The music department suspends Marching Band due to lack of student interest and unjustifiable budget usage.
For students who enjoy the performing arts as well as team rivalry, the marching band is a unique combination of musical expression and disciplined competition. MVHS students have long been exposed to the opportunity to grow musically through Marching Band. In
years past –– notably 2010 and 2011 –– the team has brought home first-place trophies from parade competitions in southern California and other local street competitions.
This year, however, the trend has been temporarily halted. Though hopeful for a future resurgence, the music department and administration, have been forced to discontinue Marching Band for the rest of the year due to stressors such as lack of student interest and budget.
Until about three years ago, the Marching Band, a subprogram of the general band elective, had been a compulsory activity for incoming freshmen who wanted to enroll in band at MVHS. Then, after a year of competing with Marching Band, beginning their sophomore year, students had the option of choosing between Marching Band and Pep Band, a separate subprogram, which unlike Marching Band, was more performance-based rather than competition-based. According to the new policy that was implemented at the beginning of the 2010-2011 school year, however, freshmen were no longer required to participate in the activity. Though the program still retained some interested students, according to band teacher and Marching Band director Jon Fey, most students opted out of the band class to enroll in alternative performing arts or academic electives.
At the beginning of this year, the music department once again tried to target the incoming freshmen by making Marching Band compulsory yet again. Over the course of the first two weeks of this school year, however, the music department saw a significant dip in student interest in the program. According to senior Anu Vaishnav, the head drum-major for Marching Band, about 40 to 50 students out of the 70 enrolled in Marching Band for this year dropped the band elective.
According to Fey, the academic culture at MVHS compromises students’ interest in the arts, negatively impacting the Marching Band program as a result.
“Students parents’ do not prioritize time for the Marching Band activity,” Fey said. “Time is spent in other things [such as] outside sports and SAT prep classes.”
Along with the lack of student interest in Marching Band’s offerings, unjustifiable budget allocation jeopardizes the competitive as well as the presentational aspect of the program. Though the program previously benefitted from a portion of the $50,000 music boosters budget, with a decreasing proportion of Marching Band students to the overall population of students enrolled in the music department, the decision to cut Marching Band’s funding was finally announced on Aug. 24.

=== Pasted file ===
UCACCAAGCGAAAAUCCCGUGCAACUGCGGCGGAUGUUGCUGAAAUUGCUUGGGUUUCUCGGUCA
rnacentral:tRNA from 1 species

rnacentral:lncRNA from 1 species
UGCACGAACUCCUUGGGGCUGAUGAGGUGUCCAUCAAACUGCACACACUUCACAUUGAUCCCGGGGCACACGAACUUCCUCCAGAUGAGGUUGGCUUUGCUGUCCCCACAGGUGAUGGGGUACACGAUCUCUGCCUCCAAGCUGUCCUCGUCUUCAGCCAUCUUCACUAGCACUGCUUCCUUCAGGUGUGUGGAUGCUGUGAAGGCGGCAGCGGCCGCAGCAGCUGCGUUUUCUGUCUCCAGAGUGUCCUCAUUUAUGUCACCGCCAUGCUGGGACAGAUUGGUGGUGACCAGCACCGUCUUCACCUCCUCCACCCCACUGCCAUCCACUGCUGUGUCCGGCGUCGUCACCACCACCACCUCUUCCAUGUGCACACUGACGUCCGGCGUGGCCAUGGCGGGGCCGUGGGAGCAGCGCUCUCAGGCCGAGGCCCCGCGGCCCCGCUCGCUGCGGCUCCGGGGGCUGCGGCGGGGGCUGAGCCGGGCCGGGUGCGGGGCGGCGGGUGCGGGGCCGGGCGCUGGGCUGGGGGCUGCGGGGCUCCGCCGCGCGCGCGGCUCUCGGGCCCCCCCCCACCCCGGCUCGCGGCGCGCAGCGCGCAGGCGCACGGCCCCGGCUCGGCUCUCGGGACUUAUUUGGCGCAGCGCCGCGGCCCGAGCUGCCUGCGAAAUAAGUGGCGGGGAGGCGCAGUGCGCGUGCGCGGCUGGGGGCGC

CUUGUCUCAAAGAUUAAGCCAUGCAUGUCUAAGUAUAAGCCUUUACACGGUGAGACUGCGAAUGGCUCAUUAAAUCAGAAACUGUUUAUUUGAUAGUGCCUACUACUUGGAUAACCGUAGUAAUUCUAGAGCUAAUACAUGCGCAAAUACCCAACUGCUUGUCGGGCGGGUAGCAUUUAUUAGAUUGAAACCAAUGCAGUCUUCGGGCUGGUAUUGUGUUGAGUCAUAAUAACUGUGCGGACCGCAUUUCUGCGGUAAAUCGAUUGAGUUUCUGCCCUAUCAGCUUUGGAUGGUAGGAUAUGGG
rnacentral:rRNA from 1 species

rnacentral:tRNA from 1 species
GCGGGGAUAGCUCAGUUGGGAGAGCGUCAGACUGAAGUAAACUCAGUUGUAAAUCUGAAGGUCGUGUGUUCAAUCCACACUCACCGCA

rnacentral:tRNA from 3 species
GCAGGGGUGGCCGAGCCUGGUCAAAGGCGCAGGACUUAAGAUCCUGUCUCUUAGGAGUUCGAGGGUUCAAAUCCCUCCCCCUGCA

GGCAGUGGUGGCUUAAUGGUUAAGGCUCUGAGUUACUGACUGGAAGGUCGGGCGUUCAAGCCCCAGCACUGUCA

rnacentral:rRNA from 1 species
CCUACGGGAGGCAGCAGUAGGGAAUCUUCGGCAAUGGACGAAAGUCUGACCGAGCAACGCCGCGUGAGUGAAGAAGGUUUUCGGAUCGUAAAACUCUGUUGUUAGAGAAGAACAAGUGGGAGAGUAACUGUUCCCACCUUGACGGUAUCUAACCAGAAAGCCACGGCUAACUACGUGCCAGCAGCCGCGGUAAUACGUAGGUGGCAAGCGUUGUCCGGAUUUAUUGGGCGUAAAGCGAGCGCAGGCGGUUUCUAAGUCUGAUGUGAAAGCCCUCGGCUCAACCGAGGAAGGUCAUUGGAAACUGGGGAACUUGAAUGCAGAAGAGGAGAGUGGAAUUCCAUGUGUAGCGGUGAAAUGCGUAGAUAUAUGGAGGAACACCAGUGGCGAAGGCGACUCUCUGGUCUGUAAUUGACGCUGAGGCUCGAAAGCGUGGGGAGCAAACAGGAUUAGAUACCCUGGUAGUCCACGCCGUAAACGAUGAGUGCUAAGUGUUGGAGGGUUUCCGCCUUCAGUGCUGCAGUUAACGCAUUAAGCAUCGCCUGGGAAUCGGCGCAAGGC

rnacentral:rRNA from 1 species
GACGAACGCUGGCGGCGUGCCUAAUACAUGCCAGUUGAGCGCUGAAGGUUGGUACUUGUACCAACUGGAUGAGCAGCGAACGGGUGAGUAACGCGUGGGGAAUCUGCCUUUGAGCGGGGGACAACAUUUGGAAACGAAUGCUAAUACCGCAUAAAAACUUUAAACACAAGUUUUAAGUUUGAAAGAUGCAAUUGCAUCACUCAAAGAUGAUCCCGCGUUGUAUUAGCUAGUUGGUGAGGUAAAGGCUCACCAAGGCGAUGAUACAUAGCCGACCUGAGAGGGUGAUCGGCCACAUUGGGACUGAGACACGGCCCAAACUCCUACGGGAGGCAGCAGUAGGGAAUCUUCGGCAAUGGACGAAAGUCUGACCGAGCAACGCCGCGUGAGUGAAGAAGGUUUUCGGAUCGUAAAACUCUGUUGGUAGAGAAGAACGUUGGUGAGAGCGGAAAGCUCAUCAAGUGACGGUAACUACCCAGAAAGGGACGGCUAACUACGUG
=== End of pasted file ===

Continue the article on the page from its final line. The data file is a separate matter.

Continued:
“Right now it doesn’t make sense that we’re using 30 percent of the music boosters’ budget for just 10 percent of the interested population,” Vaishnav said. “That’s the sad truth.”
Vaishnav represents a small population of the student body who has been deeply affected by the cancellation of the program. Vaishnav and her three other senior teammates, Mike Thomas, Melinda Yang and Connie Guan have spent the past three years of their high school careers in Marching Band. They have not yet seen any significant indicators of the program’s revival, but regardless, their love for the art and competition has brought them back this year in hopes that the program will someday be revitalized.
Although Vaishnav and her teammates will not compete this year, they will perform during halftime at football games with the Pep Band.
“I am no longer a drum major,” senior Anu Vaishnav said. “I love my teammates more than the title of ‘drum major,’ but this was supposed to be my year.”
Although efforts are underway to revive the Marching Band program, including recruitment meetings led by MVHS Marching Band alumni who are now Stanford University graduates, Fey and Vaishnav are viewing this phase as a boon in disguise.
“[This is an] emotionally trying time,” Fey said. “It will take some time to get over the initial shock, but this will be a place in history –– a transition to something greater.”[quote_center]For an in-depth reflection on the history and legacy of Marching Band, read the next print issue of El Estoque.[/quote_center]